-2Tbsp. dijon mustard
-3 cups of cooked chickpeas
-2Tbsp. organic virgin coconut oil (or other high heat oil)
-1tsp. sea salt
-1tsp. chilli powder
-1/2tsp. smoked paprika
-1/4tsp. garlic powder
Cashew Parmesan "Cheese":
-1/2cup raw cashews
-3/4tsp. sea salt
-1/4tsp. garlic powder
-2Tbsp. nutritional yeast
-225g package of organic tempeh (thawed if frozen)
-1Tbsp. olive oil
-1-2Tbsp. organic tamari
-1 head of romaine lettuce
-1-2 handfuls of kale
1. Preheat oven to 400F. Rinse chickpeas if they are canned. In a bowl mix the chickpeas with the coconut oil and all spices (I like to use my hands for this). Spread them out on a parchment lined baking sheet. Bake in oven for 30-35minutes, until the chickpeas start to split and get hard (they will also harden up as they cool).
2. Heat a medium skillet and add 1Tbsp. olive oil. Chop tempeh into small cubes and add to pan. Saute until tempeh starts to brown. Add the tamari and cook until tamari has absorbed. Turn off heat and set aside to cool.
3. To make the dressing put all ingredients in a blender, adding a bit of water if the mixture is too thick. Taste and adjust seasoning.
4. To make the cashew parmesan cheese, place all ingredients in a food processor (i use a mini one for this) and pulse until it becomes a fine crumb.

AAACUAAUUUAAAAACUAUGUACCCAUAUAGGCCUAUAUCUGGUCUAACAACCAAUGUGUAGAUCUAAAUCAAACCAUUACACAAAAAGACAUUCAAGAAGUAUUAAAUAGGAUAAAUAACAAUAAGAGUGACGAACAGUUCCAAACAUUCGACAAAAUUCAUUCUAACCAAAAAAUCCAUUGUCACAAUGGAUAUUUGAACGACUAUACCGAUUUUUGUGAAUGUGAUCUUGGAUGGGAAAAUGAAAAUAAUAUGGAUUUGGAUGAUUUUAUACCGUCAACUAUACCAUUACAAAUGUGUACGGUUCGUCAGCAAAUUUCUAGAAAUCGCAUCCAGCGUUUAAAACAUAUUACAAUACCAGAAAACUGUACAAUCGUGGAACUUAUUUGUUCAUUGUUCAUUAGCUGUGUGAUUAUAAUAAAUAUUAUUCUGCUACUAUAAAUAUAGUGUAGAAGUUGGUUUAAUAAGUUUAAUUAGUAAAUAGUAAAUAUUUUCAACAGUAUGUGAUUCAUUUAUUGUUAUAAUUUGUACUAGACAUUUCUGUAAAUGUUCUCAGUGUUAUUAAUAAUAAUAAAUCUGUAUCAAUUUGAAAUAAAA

5. Wash lettuce and kale, remove kale ribs and chop all leaves into bite sized pieces.
6. Arrange salad. Lettuce and kale, tempeh, croutons, dressing and parmesan. Enjoy!
Love and light xo,
Happy Spring! It's been so beautiful here in the Okanagan this last week that I was actually in my flip flops today. It seems a bit crazy with it only being the end of March but I am dying for it to be summer already. I don't know about you but with each passing year I find I dislike winter more and more and dream about the warmer months as soon as January 1st hits (I know I know, the winter is SO mild here in comparison to other places but I'm allowed to whine a little, right?!).
It's about this time each year that I start to get the itch to detox- my body, my mind, my home, my everything. I'm not going to lie I'm a bit of a detox fanatic- but I can never make it through a major cleanse without cheating or going off the rails and eating everything I'm avoiding. I've found that A: I try to quit everything cold turkey and find there's nothing left to eat and I'm starving and B: Juice cleanses don't work! Not for me anyway. I so badly want to make it through one but I have such a strong gag reflex and vegetable juice is a major gag for me. So this year I've decided to be a bit kinder to myself, go slowly and listen to my body. Duh, why have I never thought of this before? I guess it takes having a baby to step back and say hey, it's ok that you snuck some chocolate and missed working out for an entire week (or two)! You will survive.